Tips for Caring for Elderly Relatives Around the Holidays

Posted by Bethaney Wallace on 2nd Nov 2013

This time of year, family members of all ages will be traveling to see loved ones. That means cross-country flights, long drives, train trips, and practically any other type of transportation available. While young, spry relatives may not have much issue with these travel arrangements (besides the inconvenience, that is), the same can’t be said for older members. Grandparents, parents, aunts, uncles – whatever the relation, those who are getting on in years have a harder time traveling. Long hours are simply harder on their bodies, not to mention the crowds and colder weather.

Caring for these relatives can be difficult, especially when it’s not a routine event. To make the most out of everyone’s holidays, follow these recommend tips.

Make a Safety Checklist

Whether this is for your benefits or the relative’s, a checklist can be a great way to make sure everything is under control. Write down medications that need to be taken (and at what time), along with any restrictions they may offer. Remind yourself to ensure their cane, walker, or wheelchair is in tow at all times, and look out for any hazards, such as loose rugs or tubs without railings. (And be sure to fill in with help, if needed.)

If necessary, talk to their doctor when making the list to ensure that all important areas are covered for the duration of the stay. (Whether theirs or yours.)

Suggest Medication Reminders

If your family member is having a hard time remembering to take his or her medication, it might be time to enlist outside help. Medication reminders are offered by many services, such as home care providers, etc. These pros offer varying levels of involvement and cater to individual needs. Even if the help is small, it can be the stepping stone needed to be sure all doses are being taken, and on time.

Talk with Local Home Helper Services

In extreme cases or long-term stays, home helper options help ease the stress involved with taking care of others. See what type of services they have available, and determine whether or not it’s a good fit for your individual family member. Even if you don’t decide to sign on, they may have advice or tips that can help everything move more smoothly.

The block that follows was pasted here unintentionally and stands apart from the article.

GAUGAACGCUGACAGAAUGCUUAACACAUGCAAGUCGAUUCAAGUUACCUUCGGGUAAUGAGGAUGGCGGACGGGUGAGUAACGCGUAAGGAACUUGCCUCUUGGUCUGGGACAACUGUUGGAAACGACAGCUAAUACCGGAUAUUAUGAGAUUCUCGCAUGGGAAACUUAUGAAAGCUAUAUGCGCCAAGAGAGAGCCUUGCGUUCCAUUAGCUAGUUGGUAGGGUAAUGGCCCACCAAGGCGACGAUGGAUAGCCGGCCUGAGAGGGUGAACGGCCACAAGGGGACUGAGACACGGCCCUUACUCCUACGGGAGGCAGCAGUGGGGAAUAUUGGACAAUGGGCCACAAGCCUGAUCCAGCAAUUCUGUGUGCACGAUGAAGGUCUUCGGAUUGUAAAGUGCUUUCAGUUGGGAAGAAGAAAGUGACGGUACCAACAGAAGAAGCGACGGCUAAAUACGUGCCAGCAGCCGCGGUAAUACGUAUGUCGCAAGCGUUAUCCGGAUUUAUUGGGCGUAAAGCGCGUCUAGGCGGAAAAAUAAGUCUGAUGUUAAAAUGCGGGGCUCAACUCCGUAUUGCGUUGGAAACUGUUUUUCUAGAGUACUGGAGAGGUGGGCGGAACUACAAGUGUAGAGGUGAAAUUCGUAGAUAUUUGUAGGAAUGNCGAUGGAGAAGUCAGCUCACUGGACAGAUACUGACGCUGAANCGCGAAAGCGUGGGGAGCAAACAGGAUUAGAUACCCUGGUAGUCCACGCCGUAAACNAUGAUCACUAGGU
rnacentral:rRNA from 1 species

Be Honest

When safety is at risk, it’s no time to help your family member into activities they shouldn’t be performing. Don’t be afraid to let them know what they are and aren’t capable of, especially in a new place or dangerous weather conditions. Thought it’s best to be gentle, explain the potential repercussions; it won’t hurt to offer a standby, such as a favorite card game or TV program to watch.

Ask for Help

If elderly family members are becoming a handful, don’t be afraid to ask for help from others. Various relatives can take turns with these ongoing responsibilities, evening out the overall work load. For instance, if you helped Mom schedule her medicine intakes, your brother can get her to and from the car during the next family outing. Don’t be afraid to get the kids involved as well; small hands are great for holding onto canes or pulling doors shut. (Let’s face it, as much as we’d like it to not be considered work, it really can be work.)

No matter the distance traveled or the length of time you and your loved ones will spend together this holiday season, remember there are several ways to easily take care of older members. The more detailed the plan, the more likely everyone is to have a pleasant, safe visit.